Recall the movie Braveheart, which depicted a period in English history when the English king and his minions possessed and exercised the right to rape a newlywed bride on her wedding night. Can anyone imagine the woman’s husband exclaiming, as his wife was carted away, “At least we can peacefully protest the king’s actions without being thrown into jail and at least we have sound money”? (In fact, even the right of habeas corpus would be ineffective in such a case because the judge at the habeas corpus hearing would hold that under the law officials had the right to rape the bride and, therefore, he would deny habeas corpus relief. Thus, the core problem would remain — that government officials would possess the power to rape.)

Or imagine a suspected terrorist being stretched on the rack or subjected to waterboarding, screaming, “I have the right to criticize the government under principles of freedom of speech” (or even, “I have the right to call my lawyer!”). His torturers would respond, “Well of course you do. But we have ‘rights’ too — including the right to arrest, torture, abuse, and kill you without judicial interference.” Thus, again, the problem lies in the fact that government possesses the power to arbitrarily arrest and torture people.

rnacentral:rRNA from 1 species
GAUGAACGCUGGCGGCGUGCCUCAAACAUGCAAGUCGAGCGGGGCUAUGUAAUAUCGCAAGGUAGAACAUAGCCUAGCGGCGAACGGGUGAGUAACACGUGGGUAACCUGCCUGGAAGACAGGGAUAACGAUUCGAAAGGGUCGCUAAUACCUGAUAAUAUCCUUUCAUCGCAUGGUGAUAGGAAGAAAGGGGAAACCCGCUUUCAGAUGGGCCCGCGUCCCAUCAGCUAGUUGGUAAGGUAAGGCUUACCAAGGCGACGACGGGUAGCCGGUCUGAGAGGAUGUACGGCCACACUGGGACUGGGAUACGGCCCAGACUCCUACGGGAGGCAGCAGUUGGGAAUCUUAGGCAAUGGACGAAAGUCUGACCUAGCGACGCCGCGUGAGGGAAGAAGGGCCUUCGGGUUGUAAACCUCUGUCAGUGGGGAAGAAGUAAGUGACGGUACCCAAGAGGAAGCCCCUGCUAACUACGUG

The realities exposed by 9/11

That’s what 9/11 accomplished. It exposed the horrible reality of what an imperial, interventionist foreign policy has brought to our nation and the American people. We not only live in a nation whose government has troops in more than 100 foreign countries, that is occupying Afghanistan and Iraq, that is threatening new wars against Iran and North Korea, and that claims the authority to drop bombs on any country on earth. We also live in a country in which omnipotent power over the citizenry by the president, the CIA, and the military is part and parcel of that foreign policy.

After all, despite the manifest evidence of kidnapping, torture, and murder of prisoners and detainees at the hands of CIA agents, how many CIA agents have been brought to account by either the Justice Department or the Congress? (None.) How many have been arrested and charged for such crimes? (None.) How many have been indicted? (None.) The only potential criminal prosecution of CIA agents is coming from foreign countries, such as Italy and Germany, where prosecutors are seeking criminal indictments against CIA agents for kidnapping and conspiring to torture in those countries. When it comes to the CIA, unfortunately all too many people get scared, turn away, and remain silent. That’s what omnipotent government tends to do to people.